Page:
INDIANAPOLIS, Ind. — On Thursday afternoons, a basement cafeteria at Providence Cristo Rey High School turns into a barbershop where male students leave with a cut and life lessons.
The barbershop is the creation of Fred Yeakey, the vice principal of Culture and Mission. He calls the weekly ritual “Grooming the Outer Man, Guiding the Inner Man,” a mentorship program designed to help guide the young men into a life of full of opportunity, promise and success.
“The quickest way to change a culture, a pulse, and the climate of the school, is not what you do in the classroom, it’s what you do outside the classroom,” Yeakey said.
Yeakey has been crafting his program for the better part of a decade. He says his weekly barbershop is part of a plan to give back to young men of color, who are often dismissed and left without the necessary tools for success. Yeakey says Cristo Rey, being a private school meant for low income, minority students, is the perfect place for “Grooming the Outer Man, Guiding the Inner Man” to succeed.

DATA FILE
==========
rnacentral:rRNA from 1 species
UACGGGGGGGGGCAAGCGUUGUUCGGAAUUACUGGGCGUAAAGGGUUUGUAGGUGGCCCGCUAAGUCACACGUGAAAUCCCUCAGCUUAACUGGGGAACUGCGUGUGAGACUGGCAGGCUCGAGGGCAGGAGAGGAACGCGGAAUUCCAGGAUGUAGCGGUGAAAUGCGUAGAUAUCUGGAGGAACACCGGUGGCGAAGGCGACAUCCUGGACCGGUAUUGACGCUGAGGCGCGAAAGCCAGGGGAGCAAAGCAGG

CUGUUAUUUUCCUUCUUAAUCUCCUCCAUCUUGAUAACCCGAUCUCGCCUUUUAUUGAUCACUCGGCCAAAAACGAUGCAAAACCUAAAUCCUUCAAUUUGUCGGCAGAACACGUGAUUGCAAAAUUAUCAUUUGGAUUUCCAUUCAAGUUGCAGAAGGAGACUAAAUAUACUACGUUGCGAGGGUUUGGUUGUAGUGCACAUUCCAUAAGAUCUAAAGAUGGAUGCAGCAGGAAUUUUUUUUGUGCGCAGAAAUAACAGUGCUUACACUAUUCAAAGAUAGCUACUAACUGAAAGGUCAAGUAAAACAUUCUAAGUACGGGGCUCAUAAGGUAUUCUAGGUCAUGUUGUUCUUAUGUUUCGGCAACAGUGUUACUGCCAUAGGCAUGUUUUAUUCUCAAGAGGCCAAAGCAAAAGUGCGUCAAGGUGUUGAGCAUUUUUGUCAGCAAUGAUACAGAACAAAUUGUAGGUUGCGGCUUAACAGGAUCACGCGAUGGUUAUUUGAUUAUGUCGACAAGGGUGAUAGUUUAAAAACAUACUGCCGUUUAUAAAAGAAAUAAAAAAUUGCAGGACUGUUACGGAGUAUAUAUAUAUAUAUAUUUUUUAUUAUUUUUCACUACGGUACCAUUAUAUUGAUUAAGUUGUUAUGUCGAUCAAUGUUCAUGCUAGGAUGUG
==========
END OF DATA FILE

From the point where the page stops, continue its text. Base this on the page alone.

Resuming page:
“I had to get close to them so they understood that I cared for them first. Then I gave them the opportunity so they can then see why,” Yeakey said.
So far, the students seem to think its working.
“At the time, I was down, and my confidence was down. He helped me bring myself back up,” student Jimmie Darbonne said.
Current seniors in the program who’ve worked with Yeakey for three years now help to lead the younger students. Yeakey says the reward of the program is seeing the growth each young man goes through. He has their trust, they know he has their back, and together it’s a recipe for success.
“I want this to be a movement. I want someone to be compelled to do something in the hopes it can become something you never imagined,” Yeakey said.